Wisdom teeth usually appear between the ages of 14-25, which is sometimes considered the age of wisdom. However, wisdom teeth don’t truly bring wisdom on their own and can, in fact, cause some unpleasant dental issues. Although not everyone develops wisdom teeth, also called third molars, reports state that around 90% of patients have at least one wisdom tooth that’s impacted because of insufficient space in the mouth. It’s never a good idea to ignore wisdom teeth, even if they’re not causing any pain as they can sometimes lead to future oral problems if not extracted.
Reason for wisdom teeth
Wisdom teeth originate in prehistoric times when humans had jaws large and strong enough to fit a third set of molars. Human ancestors usually lost teeth as they aged and that left room for wisdom teeth to erupt and grow. Nowadays though, human jaw size isn’t as large and modern dental health decrease the chances that wisdom teeth erupt in a beneficial location, which often leads to extraction.
Detecting wisdom teeth
Sometimes patients suffer symptoms of impacted wisdom teeth such as pain when chewing, swelling and limited jaw mobility, but other times they may not even know they have wisdom teeth. A dentist can detect wisdom teeth and see via exam and X-rays if they’re impacted or about to erupt. Wisdom teeth that don’t present any symptoms or problems can cause issues if the teeth become infected so it’s important for the dentist to monitor them. Impacted wisdom teeth can cause cysts, infections, lesions, and damage to adjacent teeth that may lead to gum disease. However, for patients who have both healthy wisdom teeth and room for the third molars, it’s possible to avoid extraction. The only way to know the health of wisdom teeth is to visit the dentist regularly.
Best age for wisdom teeth extraction
The roots of wisdom teeth usually form during a person’s teenage years, and the third molars are easiest to remove before the roots develop to 2/3 of their full size. It’s common for patients to opt for wisdom tooth extraction early before they can cause problems and when recovery time is potentially shorter. Teeth reposition, and wisdom tooth roots grow as people age, which can make extraction more difficult as they reach their 30s and 40s.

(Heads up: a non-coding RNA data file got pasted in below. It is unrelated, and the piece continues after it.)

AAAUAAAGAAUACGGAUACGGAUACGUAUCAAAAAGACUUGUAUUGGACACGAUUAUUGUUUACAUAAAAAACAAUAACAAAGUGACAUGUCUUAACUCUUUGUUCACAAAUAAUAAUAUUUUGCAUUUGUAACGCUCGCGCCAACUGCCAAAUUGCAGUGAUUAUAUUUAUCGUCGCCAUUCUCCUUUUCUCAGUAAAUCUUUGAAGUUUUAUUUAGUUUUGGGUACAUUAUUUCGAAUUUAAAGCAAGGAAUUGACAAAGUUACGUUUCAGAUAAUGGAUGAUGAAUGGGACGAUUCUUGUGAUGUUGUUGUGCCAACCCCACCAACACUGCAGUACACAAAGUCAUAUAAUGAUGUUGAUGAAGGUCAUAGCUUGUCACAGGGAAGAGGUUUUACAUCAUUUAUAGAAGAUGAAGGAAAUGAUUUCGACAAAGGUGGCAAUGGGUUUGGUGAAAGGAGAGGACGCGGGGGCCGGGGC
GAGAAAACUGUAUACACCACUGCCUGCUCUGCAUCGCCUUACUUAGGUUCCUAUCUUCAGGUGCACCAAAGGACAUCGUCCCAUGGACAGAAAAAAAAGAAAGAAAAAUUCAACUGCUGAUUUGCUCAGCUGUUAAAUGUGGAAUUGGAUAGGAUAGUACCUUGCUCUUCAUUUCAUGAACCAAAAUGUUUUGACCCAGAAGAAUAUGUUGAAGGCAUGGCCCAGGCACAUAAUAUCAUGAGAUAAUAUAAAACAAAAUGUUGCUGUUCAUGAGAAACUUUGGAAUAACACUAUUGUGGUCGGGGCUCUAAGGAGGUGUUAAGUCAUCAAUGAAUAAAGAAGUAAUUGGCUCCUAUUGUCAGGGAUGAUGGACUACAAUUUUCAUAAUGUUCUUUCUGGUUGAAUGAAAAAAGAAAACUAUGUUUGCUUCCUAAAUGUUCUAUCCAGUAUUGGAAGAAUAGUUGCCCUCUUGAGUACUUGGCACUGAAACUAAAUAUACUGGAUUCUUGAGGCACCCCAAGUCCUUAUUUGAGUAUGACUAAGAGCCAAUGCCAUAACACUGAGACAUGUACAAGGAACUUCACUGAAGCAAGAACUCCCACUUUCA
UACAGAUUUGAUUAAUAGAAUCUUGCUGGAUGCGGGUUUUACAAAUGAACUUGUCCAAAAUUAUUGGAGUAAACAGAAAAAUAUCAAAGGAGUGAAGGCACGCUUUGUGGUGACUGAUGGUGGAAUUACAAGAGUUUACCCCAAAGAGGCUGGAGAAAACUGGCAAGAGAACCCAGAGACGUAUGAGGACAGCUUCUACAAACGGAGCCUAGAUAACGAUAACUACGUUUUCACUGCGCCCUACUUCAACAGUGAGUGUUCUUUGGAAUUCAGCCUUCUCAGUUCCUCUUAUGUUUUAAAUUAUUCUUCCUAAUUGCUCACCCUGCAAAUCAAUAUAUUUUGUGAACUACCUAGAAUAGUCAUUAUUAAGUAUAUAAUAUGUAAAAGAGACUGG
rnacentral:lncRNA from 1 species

Following wisdom teeth extraction
For patients who undergo wisdom teeth extraction, there’s often concern about pain and healing time. Everyone’s level of pain and pain tolerance is unique, so while over the counter pain meds are fine for some, others may need stronger pain medications. Dentists advise a soft food diet for the first 24 hours but recommend against using a straw as the suction can loosen blood clots. Patients should stick to a soft food diet and avoid items that require extensive chewing. Alcohol intake and tobacco use can lengthen healing time, so patients need to avoid them during recovery. It’s important to keep the mouth clean, but patients shouldn’t brush vigorously near the surgery sites and should rinse with warm salt water 24 hours after the procedure. When a patient can return to work or school following extraction depends on how they’re recovering, but many feel able to return to their normal routine within a few days.
If you’re concerned about your wisdom teeth and potential dental problems, contact Greater Baltimore Prosthodontics to schedule an exam. The comfort and health of our patients are paramount during all tooth extraction procedures.